Sheet Metal & Air Conditioning Contractors’ National Association


OSHA Delays Enforcement of Silica in Construction Rule

OSHA Delays Enforcement of Silica in Construction Rule

The News Release below is an OSHA announcement delaying enforcement of the silica in construction rule until September.  This announcement does not indicate that the rule is going away.  OSHA (the new Administration) may be looking at revising or rescinding the entire regulation but, as stated in the Press Release, companies should continue efforts towards compliance until further notice.

SMACNA has developed a model written program to assist SMACNA contractors in developing a written Silica Program including compliance with Table 1 mentioned in the Press Release.  The model program is editable to match client and project requirements and is available free to members on the SMACNA safety webpage along with other model programs.  SMACNA members needing further information on silica, the News Release, or the model program can contact Mike McCullion, SMACNA director of market sectors and safety, at 703-994-4027 or

OSHA National News Release
U.S. Department of Labor
April 6, 2017

OSHA to delay enforcing crystalline silica standard in the construction industry 

WASHINGTON - The U.S. Department of Labor's Occupational Safety and Health Administration today announced a delay in enforcement of the crystalline silica standard that applies to the construction industry to conduct additional outreach and provide educational materials and guidance for employers.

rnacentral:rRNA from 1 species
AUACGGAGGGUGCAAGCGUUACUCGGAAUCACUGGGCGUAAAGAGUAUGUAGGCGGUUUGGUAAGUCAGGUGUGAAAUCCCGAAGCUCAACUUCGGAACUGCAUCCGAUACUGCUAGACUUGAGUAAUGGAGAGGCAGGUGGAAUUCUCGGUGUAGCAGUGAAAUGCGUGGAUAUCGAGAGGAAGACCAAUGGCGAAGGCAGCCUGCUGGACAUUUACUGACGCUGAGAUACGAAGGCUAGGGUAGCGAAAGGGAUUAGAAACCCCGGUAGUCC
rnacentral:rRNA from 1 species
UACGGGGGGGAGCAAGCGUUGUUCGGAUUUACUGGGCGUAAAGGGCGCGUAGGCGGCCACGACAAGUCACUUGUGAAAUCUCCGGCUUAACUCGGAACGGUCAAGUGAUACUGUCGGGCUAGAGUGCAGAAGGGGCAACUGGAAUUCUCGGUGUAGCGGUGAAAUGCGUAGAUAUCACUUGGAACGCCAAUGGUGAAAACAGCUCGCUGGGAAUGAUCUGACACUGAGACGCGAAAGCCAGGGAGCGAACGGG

The agency has determined that additional guidance is necessary due to the unique nature of the requirements in the construction standard. Originally scheduled to begin June 23, 2017, enforcement will now begin Sept. 23, 2017. 

OSHA expects employers in the construction industry to continue to take steps either to come into compliance with the new permissible exposure limit, or to implement specific dust controls for certain operations as provided in Table 1 of the standard. Construction employers should also continue to prepare to implement the standard's other requirements, including exposure assessment, medical surveillance and employee training. 

Under the Occupational Safety and Health Act of 1970, employers are responsible for providing safe and healthful workplaces for their employees. OSHA's role is to ensure these conditions for America's working men and women by setting and enforcing standards, and providing training, education and assistance. For more information, visit